Wildlife Corridors Crucial for California's Biodiversity

The Wallis Annenberg Wildlife Crossing, over the 101 Freeway in western Los Angeles County, is the world’s largest wildlife crossing. But why does habitat connectivity matter?

This coming Earth Day, April 22, Californians will celebrate the groundbreaking of the Wallis Annenberg Wildlife Crossing, the world’s largest wildlife crossing over the multi-lane 101 Freeway in western Los Angeles County, clocking in at 210 feet long and 165 feet wide. The wildlife crossing will be surrounded by an acre of native vegetation and will also include a sound wall to help act as a sound and light barrier from the freeway for wildlife.

But why mark this momentous occasion?  And why does habitat connectivity matter? 

Benefits of Wildlife Corridors and Crossings

In southern California, as in many other areas of the country, rapid urbanization has broken up what used to be large swaths of wildlife habitat, leaving smaller unconnected areas that don’t provide enough space for animals to hunt or find mates outside of their own family. Wildlife corridors and crossings facilitate the movement of animals across fragmented landscapes to reach food, water, and potential mates, and to adapt to a changing climate. Connectivity is crucial to the state’s efforts to fight the biodiversity and climate crises and its pledge to protect 30% of the state’s lands and waters by 2030. Without the ability to move across landscapes, species cannot thrive in an ever-changing world. 

Wildlife corridors and crossings can include both human-made projects like the Wallis Annenberg Wildlife Crossing, as well as natural wildlife corridors. Riparian corridors, for example, traverse rivers, streams, lakes, lagoons or other natural bodies of water and can facilitate wildlife movement. These natural corridors also provide numerous other benefits such as mitigating flood impacts, improving water quantity and quality, and providing fire breaks. Both human-made and natural corridors can benefit wildlife greatly by connecting otherwise isolated habitat areas to foster increased genetic diversity and improve many species’ chances of long-term survival.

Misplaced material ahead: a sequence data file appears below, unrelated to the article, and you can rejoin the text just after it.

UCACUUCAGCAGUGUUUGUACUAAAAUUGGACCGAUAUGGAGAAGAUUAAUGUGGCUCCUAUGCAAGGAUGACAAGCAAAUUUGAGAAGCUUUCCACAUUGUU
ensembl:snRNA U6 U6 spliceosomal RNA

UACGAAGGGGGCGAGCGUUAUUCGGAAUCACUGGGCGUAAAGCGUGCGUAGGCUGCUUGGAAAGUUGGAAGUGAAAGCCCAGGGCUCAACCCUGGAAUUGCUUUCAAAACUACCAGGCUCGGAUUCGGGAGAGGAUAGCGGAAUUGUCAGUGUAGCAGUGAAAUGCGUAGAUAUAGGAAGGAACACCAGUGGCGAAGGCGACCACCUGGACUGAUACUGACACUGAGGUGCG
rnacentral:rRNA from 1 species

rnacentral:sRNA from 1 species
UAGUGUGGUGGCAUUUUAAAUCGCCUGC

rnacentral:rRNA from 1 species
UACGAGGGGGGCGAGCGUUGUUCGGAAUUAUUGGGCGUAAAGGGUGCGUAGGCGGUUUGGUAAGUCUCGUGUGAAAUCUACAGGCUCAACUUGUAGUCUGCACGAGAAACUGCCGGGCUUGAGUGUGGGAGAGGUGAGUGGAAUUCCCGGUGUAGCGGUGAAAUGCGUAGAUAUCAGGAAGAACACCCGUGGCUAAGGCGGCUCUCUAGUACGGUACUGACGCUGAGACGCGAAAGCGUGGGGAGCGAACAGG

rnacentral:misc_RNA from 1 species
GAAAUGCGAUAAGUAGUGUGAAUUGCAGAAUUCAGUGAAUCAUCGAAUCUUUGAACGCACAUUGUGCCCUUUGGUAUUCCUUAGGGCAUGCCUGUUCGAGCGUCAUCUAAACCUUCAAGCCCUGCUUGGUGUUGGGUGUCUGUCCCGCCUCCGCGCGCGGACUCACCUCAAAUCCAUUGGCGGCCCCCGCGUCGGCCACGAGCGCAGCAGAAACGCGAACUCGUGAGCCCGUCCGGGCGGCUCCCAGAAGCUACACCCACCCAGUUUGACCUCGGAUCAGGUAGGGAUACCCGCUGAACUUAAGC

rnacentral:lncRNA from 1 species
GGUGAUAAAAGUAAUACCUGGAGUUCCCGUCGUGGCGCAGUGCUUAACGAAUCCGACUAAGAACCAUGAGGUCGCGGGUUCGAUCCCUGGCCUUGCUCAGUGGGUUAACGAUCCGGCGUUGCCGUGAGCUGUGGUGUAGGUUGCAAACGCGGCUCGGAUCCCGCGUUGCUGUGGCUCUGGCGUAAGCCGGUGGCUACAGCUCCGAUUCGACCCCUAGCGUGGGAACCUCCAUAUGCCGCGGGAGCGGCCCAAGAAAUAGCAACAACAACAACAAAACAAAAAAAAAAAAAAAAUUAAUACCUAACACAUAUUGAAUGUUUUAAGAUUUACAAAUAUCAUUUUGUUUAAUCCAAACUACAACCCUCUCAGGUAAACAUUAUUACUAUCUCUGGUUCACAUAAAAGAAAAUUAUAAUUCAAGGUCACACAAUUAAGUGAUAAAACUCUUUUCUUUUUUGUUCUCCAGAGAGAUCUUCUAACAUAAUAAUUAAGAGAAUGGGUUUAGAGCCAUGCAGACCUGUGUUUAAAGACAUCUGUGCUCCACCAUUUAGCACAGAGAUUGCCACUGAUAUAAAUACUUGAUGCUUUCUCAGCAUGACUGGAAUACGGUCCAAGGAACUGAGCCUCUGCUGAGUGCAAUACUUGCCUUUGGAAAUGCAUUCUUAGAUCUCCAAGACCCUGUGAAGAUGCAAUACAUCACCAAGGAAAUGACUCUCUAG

The Wallis Annenberg Wildlife Crossing is one of many planned connectivity pathways that are needed to ensure the sustained survival and well-being of our local wildlife. Here are a few other exciting connectivity projects in California that you should know about. 

The Irvine-Laguna Wildlife Corridor

A 20+ year endeavor, this wildlife corridor project is a multi-faceted, six-mile habitat link between mountain and coastal ecosystems in south Orange County. Organizations including Laguna Greenbelt, Hills For Everyone, and Friends of Harbors, Beaches and Parks have led this tremendous corridor effort that eventually will provide a critical linkage to ensure that native wildlife will continue to populate the wilderness area between the coastal wildlands in Orange County and the foothills of the Santa Ana Mountains. 

Currently, Laguna’s coastal natural areas are completely isolated from other wildlands, which has rendered the area an ecological island for the native species that live there. This corridor will increase the chances of survival for species like the coastal bobcat and mule deer by expanding their hunting and mating territories.  

I-15 Wildlife Crossing, Temecula 

As a result of a two-year legal battle to protect the Santa Ana mountain lion (Puma concolor), conservation groups including our friends at Endangered Habitats League and the Center for Biological Diversity reached an agreement with the City of Temecula and a private developer to preserve a 55-acre parcel that protects a critical wildlife corridor for local mountain lions and other wildlife. The I-15 freeway poses a substantial barrier to the movement of mountain lions between the Santa Ana Mountains and the larger Palomar Range, to the point where experts have predicted their local extinction by 2050 as a result of inbreeding due to severed migration corridors and the loss of lions killed in vehicle collisions. The Temecula Creek Wildlife Underpass is an undercrossing for mountain lions and other wildlife to safely cross I-15 so they can reach protected areas on both sides of the freeway. The design strategically phases in appropriate signage, vegetation, fencing, and sound baffles to encourage the mountain lions to safely pass through.